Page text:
By A. Joseph Lynch
|Image of first nuclear explosion|
While many are familiar with the list of nuclear powers, few know anything about the vast number of nuclear bomb detonations or where they occurred. The map above is a screenshot of a video called "A Time-Lapse Map of Every Nuclear Explosion Since 1945." The video is somewhat lengthy (and it ends before North Korea's testing), but it is a very good representation of the temporal-spatial dimensions of nuclear testing.
If you asked someone where the United States tested its nuclear weapons, most would say the American Southwest. Although this is true, few are familiar with the two underground nuclear detonations that took place in the state of Mississippi in 1964, or that the United Kingdom also tested nuclear weapons in the United States. In fact, the last British nuclear detonation took place in the state of Nevada. French nuclear testing in Algeria and British nuclear testing in Australia make sense given their colonial holdings -- yet it is not well-known that the Sahara and the Australian Outback were home to many nuclear blasts.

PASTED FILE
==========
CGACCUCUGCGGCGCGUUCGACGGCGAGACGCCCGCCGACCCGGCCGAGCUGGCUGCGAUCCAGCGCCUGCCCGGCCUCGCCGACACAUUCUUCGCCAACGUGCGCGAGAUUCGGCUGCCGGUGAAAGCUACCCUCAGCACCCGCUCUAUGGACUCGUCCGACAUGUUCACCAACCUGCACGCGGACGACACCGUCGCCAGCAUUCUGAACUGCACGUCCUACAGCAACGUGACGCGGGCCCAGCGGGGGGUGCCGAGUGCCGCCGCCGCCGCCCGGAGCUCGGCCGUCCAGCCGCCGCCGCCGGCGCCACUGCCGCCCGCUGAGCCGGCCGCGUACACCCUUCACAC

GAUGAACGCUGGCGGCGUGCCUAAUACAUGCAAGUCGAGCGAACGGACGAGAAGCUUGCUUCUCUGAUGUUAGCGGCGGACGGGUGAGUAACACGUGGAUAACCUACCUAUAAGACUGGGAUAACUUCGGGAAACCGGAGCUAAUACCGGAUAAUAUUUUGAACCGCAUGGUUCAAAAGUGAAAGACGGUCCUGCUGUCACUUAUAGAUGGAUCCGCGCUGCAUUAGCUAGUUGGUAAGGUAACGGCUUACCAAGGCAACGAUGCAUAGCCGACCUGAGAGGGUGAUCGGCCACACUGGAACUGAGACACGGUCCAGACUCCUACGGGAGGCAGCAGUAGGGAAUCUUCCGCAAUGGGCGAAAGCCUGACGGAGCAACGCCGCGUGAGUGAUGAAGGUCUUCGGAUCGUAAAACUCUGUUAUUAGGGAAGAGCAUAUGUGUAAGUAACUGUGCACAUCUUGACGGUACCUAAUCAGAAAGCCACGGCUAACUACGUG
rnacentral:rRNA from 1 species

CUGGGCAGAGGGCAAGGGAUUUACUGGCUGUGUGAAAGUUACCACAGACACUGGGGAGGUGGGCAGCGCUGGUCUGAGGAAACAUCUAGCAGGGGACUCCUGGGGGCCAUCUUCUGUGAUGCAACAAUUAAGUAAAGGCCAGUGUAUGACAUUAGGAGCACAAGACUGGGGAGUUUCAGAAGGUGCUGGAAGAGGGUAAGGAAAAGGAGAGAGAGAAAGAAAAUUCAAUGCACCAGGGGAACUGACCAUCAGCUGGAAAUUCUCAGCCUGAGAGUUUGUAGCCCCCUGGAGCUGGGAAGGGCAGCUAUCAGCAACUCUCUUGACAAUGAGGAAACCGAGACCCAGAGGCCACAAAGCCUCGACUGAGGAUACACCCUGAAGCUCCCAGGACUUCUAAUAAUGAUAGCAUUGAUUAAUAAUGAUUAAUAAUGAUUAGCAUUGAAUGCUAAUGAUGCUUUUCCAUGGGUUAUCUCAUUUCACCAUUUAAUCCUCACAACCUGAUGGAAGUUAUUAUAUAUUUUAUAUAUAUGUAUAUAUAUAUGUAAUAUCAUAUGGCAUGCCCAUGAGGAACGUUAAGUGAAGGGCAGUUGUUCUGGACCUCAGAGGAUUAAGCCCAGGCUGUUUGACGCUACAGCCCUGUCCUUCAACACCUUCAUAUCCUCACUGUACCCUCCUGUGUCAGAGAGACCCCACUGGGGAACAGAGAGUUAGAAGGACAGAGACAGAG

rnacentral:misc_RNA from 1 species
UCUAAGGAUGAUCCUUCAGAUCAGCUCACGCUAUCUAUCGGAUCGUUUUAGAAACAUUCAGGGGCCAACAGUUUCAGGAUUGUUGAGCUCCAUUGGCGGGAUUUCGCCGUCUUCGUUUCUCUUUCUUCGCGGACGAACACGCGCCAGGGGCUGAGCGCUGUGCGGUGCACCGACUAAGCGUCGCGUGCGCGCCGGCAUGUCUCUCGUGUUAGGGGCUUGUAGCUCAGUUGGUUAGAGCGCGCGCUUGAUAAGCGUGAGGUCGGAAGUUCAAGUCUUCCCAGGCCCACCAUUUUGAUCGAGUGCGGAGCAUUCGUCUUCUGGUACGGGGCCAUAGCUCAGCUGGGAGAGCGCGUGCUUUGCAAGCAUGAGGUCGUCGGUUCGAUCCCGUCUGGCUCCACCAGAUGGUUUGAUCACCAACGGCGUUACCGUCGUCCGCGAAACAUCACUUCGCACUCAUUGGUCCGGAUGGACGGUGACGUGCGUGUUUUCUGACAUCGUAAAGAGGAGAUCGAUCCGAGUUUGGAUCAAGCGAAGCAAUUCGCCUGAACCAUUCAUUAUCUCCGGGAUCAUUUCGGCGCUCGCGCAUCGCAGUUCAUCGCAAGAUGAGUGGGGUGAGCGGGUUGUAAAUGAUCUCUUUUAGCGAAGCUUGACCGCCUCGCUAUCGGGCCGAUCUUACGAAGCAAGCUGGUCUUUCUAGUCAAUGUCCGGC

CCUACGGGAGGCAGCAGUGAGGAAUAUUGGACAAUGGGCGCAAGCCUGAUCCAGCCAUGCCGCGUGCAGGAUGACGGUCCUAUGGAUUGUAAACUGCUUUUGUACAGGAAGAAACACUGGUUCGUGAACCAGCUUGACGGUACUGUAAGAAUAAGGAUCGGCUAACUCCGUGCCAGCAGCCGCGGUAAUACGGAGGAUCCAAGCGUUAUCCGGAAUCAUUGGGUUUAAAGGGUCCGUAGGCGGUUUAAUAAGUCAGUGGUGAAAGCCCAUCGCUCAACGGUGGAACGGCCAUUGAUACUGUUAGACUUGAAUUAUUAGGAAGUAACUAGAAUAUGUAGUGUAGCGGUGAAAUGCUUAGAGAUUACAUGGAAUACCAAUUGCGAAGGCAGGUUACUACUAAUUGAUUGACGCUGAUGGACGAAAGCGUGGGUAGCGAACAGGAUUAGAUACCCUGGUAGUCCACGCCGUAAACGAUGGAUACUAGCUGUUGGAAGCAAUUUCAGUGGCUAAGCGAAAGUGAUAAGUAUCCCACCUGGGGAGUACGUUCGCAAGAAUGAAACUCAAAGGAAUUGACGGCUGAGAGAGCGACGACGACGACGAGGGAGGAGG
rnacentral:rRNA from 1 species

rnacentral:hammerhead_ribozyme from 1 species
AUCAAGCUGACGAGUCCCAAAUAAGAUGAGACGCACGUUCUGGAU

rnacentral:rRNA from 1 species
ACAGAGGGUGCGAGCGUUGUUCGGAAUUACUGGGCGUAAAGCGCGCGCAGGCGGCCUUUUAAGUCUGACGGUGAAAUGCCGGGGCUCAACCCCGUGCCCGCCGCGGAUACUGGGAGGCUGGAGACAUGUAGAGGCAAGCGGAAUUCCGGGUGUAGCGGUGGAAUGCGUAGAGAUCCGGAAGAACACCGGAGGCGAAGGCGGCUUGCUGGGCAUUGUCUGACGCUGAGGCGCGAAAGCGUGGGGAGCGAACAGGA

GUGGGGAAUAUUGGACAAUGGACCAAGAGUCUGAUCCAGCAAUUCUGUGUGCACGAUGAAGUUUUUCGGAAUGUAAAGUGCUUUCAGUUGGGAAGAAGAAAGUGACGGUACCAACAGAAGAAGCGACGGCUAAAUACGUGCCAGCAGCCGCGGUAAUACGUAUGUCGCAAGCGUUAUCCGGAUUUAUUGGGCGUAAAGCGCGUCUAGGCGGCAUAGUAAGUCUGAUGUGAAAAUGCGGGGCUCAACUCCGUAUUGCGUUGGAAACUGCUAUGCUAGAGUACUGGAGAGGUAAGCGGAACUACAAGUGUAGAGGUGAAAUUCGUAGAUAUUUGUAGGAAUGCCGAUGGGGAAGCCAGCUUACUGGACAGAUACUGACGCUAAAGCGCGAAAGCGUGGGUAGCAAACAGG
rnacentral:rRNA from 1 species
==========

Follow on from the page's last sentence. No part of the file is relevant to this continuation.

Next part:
|Oceanic Testing: Operation Crossroads (July 25, 1946)|
The oceans have also hosted nuclear tests. One such example, Operation Crossroads, took place on July 25, 1946, at Bikini Atoll. Nuclear detonations have not only taken place under the Earth's surface, but even high above. An American test called "Starfish Prime" took place in outer space on July 8, 1962. It was the largest nuclear blast to take place in space (the detonation occurred at an altitude of 250 miles). The blast was seen through cloud cover in Honolulu almost 900 miles away.
|The blast of Starfish Prime - 250 miles above and almost 900 miles away from Honolulu.|